- central joint level contol (1ms). Joint level control is implemented alternatively also on the central computer. The DSP-board is then simply used as a torque interface. Advanced control methods, needing the complete robot model can be implemented here easier.
- Cartesian control (1ms) – is computed on the central computer. The following controllers are available:
- Impedance control
- Admittance control
- Stiffness Control
- Position Control
- Force/Torque Control
Forward kinematics is also computed in this cycle
- Computation of robot dynamics (5ms). Within this cycle, also inverse kinematics or the variable control gains are computed.
The first stage in the controller development was a joint state feedback controller with compensation of gravity and friction. The state vector contains the motor position, the joint torques, as well as their derivatives. By the appropriate parameterization of the feedback gains, the controller structure can be used to implement position, torque or impedance control. In the last case, the gains of the controller are computed in every Cartesian cycle, based on the desired joint stiffness and damping, as well as depending on the actual value of the inertia matrix. Hence, this controller structure fulfils the following functionalities:
- It provides active vibration damping of the flexible joint structure;
- It maximizes the bandwidth of the joint control, for the given instantaneous values of the inertia matrix;
- It implements variable joint stiffness and damping.
Based on this joint control structure, three different strategies for implementing Cartesian compliant motion have been realized: admittance control, which accesses the joint position interface through the inverse kinematics; impedance control, which is based on the joint torque interface; and Cartesian stiffness control, which accesses the joint impedance controller. To combine the advantages of the last two methods regarding geometric accuracy and high bandwidth, a new control method was implemented, which consists of an impedance controller enhanced by local stiffness control. This structure consistently takes into account the fact that the cycle of the joint control loop is typically by one order of magnitude faster than that of the Cartesian loop. It uses the high bandwidth of the joint impedance controller to improve the performance of the Cartesian impedance control. With a few parameter changes from the keyboard, the robot shows up arbitrary stiffness, damping and inertial (mass) in different Cartesian directions.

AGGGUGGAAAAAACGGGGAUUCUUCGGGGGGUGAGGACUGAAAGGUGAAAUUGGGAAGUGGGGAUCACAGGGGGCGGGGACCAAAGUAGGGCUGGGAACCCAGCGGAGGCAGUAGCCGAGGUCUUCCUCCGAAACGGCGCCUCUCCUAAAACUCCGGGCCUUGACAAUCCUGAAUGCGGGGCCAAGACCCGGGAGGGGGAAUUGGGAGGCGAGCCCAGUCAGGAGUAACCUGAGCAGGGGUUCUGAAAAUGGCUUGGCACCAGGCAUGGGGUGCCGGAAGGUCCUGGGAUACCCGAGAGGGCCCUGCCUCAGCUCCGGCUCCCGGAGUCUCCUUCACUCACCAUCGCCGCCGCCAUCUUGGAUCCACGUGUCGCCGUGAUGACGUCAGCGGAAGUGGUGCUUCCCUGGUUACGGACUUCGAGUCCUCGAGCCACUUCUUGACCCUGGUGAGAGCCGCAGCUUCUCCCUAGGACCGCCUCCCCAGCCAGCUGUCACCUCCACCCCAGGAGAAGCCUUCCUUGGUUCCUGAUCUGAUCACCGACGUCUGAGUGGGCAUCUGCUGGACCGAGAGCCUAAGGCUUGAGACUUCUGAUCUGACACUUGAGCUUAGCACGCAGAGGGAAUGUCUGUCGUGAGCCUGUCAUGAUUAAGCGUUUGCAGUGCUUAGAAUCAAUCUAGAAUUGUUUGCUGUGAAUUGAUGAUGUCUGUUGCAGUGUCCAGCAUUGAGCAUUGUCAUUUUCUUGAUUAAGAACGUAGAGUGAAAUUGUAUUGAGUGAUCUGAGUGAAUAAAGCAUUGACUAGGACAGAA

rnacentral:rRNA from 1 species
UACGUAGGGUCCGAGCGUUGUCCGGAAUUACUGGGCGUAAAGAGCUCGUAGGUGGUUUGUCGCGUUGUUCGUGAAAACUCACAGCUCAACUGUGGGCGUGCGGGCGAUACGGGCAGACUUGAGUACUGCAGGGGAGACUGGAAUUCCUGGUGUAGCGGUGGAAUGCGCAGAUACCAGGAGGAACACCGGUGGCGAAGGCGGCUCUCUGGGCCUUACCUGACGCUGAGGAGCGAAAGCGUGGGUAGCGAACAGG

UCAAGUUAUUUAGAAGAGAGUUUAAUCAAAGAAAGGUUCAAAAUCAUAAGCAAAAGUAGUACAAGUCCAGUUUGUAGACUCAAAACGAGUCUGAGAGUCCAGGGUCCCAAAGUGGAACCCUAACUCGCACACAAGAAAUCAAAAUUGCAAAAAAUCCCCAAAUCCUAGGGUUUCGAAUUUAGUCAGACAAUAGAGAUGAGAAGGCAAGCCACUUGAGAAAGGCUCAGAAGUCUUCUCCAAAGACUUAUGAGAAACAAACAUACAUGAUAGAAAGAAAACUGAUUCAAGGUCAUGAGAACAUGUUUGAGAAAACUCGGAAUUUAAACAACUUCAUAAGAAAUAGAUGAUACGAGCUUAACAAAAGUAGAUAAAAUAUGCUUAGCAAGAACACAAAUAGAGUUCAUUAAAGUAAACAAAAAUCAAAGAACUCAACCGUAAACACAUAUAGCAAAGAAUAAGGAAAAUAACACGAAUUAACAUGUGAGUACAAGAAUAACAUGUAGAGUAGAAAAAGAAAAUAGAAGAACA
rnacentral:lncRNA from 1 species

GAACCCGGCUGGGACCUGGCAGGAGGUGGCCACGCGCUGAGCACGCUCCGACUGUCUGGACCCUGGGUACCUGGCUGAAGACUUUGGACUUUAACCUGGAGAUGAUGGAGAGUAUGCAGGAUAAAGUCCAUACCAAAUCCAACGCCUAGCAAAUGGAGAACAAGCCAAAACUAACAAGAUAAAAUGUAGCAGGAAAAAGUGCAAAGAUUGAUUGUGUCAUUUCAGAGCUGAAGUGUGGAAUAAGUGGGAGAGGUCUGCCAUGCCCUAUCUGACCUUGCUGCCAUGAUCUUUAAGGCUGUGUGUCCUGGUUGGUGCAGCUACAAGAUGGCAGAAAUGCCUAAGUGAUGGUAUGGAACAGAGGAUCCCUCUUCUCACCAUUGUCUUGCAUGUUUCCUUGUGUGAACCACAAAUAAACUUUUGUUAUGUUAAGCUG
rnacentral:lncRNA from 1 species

Cartesian Impedance Controller
The latest developments for the LWR focused on strategies for impedance control based on a passivity approach under consideration of the joint flexibilities. A physical interpretation of the joint torque feedback loop has been given as the shaping of the motor’s kinetic energy, while the implementation of the desired stiffness can be regarded as shaping of potential energy. Therefore, the Cartesian impedance controller can be designed and analyzed within a passivity based framework in the same manner as the previously mentioned state feedback controller. This led to a new, unified concept for the torque, impedance and position control on both joint and Cartesian level. Also the constructive method introduced for energy shaping of a non-collocated system constitutes a novelty and solves a problem which was open so far.
An important advantage of these passivity based controllers is the robustness with respect to uncertainties of the robot or load parameters, as well as in contact with unknown but passive environments.